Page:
Continuous improvement and innovation including the ability to maximise VfM and actively capture and incorporate lessons learned
Environmental and social safeguards including efforts to minimise the impact on the environment and a proactive policy of employing local staff wherever possible
Donors have shown a keen interest in proper knowledge management in recent years. The aim is to capture learning generated by a project and to share it with stakeholders, both internally and externally.
Effective knowledge management can play an important role in ensuring that good practice models are made available to other actors operating in the same field while also giving media development organisations the chance to avoid common mistakes or misconceptions.
Another key aspect of knowledge management within projects is the ability to ensure business continuity during changes in personnel or partnerships.
The problem with knowledge management is that it rarely takes place outside the confines of specific programmes or organisations and is often enacted on closed platforms only. There are also issues of data protection and other sensitivities that make it problematic.
What was once M&E is now often termed MEL, underlining the increasing emphasis on introducing mechanisms to learn from the findings of monitoring andevaluation work.
As noted above (under “Monitoring”), the value of examining lessons learned throughout a project is that this enables implementing organisations to align planned activitiesas closely as possible to the perceived needs and interests of stakeholders. This ensures that projects are properly adaptive, evolving over time.
Another key aspect of learning is the management of this knowledge, disseminating lessons learned to partners and other stakeholders, thereby bringing benefits on an institutional as well as a project level.
Level of effort is a term used to describe the proportion of time that an individual member of staff is likely to devote to a project.
For example, if it is envisaged that a manager is likely to spend one day a week supporting proposed activities, then the level of effort (LoE) will be presented as 20%. This is then used to calculate the proportion of a person’s salary which can reasonably be charged to the project budget.
It offers project evaluators the opportunity to stress-test a project design by assessing the extent to which outcomes are realistic and the extent to which progress towards these outcomes can be measured. A logframe also provides project managers with a tool formonitoring progress and, potentially, for ensuring timely course-correction.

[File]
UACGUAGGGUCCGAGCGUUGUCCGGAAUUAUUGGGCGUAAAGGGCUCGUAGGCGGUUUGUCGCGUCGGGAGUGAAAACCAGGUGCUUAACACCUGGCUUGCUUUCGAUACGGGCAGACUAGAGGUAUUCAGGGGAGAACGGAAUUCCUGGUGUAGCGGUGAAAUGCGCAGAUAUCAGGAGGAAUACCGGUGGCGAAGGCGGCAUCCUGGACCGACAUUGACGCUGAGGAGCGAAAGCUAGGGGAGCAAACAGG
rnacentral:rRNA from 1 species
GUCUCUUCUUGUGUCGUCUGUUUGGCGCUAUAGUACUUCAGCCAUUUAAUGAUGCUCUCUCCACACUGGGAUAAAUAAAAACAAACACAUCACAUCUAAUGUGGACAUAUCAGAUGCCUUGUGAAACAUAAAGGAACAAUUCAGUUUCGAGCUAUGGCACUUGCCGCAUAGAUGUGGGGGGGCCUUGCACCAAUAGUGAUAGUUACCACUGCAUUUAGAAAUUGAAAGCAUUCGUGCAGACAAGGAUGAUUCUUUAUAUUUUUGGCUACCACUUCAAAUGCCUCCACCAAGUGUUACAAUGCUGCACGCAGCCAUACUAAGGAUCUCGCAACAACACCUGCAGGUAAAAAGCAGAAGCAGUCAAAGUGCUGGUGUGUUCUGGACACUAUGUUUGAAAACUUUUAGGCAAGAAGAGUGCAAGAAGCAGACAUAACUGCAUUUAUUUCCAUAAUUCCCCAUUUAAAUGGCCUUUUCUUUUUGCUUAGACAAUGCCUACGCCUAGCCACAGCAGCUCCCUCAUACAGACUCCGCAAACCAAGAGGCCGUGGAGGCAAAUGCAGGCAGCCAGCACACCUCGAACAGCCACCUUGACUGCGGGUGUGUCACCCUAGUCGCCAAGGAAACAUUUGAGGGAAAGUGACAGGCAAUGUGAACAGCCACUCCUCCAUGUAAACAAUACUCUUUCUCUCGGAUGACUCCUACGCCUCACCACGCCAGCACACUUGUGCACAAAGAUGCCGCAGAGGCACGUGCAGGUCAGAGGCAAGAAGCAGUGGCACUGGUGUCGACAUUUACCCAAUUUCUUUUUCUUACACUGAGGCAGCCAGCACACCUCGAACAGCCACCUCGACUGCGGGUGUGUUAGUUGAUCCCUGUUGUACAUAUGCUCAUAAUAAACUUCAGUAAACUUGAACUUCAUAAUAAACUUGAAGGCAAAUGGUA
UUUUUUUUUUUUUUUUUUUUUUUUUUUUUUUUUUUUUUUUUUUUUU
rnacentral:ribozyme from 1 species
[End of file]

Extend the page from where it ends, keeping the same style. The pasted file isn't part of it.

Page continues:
Donors tend to use different templates for logframes and some have abandoned them in favour of Theory of Change charts but they still represent the most common framework for project design, acting as a starting point for developing project ideas and also as a way of ensuring that partners and contributors have a shared vision of the programme.
Most donors accept that logframes are dynamic documents that should be revisited and updated as a project unfolds.
Implementing organisations should not be afraid to renegotiate proposed targets in order to properly manage expectations among key stakeholders.
The term “margin” is most often used in relation to fee-based contracts and is effectively the difference between the actual costs of deployment and the agreed rate.
For example, if the daily rate for an expert is €800 but the expert charges €500 per day, then the margin would be €300. Contractors use the margin or “profit” to cover their management and operating expenses.
In EU service contracts, there is no obligation to account for how the margin is spent.
Also termed the “approach”, the methodology comprises the techniques and methods which will be employed by the project in order to deliver against its programmatic commitments.
In particular, a description of a project’s methodology should include a discussion of the sequencing of activities and the inter-relationship between them.
It should also explain why certain techniques have been selected.
For example, when presenting the merits of on-the-job mentoring as the chosen approach for a capacity-building programme, a grant applicant might explain that mentoring can be more effective than classroom-based training because the learning-by-doing approach ensures that relevant skills are passed on in a practical work environment.
Research conducted at the midway point helps to determine the extent to which programming is having the desired impact and gives implementing organisations the chance to modify their approach and strategy if the results suggest otherwise.
In some programmes, effective monitoring work may take the place of midline research, providing insight into audience response or take-up on a rolling basis.
While monitoring, evaluationand learning(MEL) are often grouped together, they represent different stages in an ongoing linear effort to assess the impact of a project.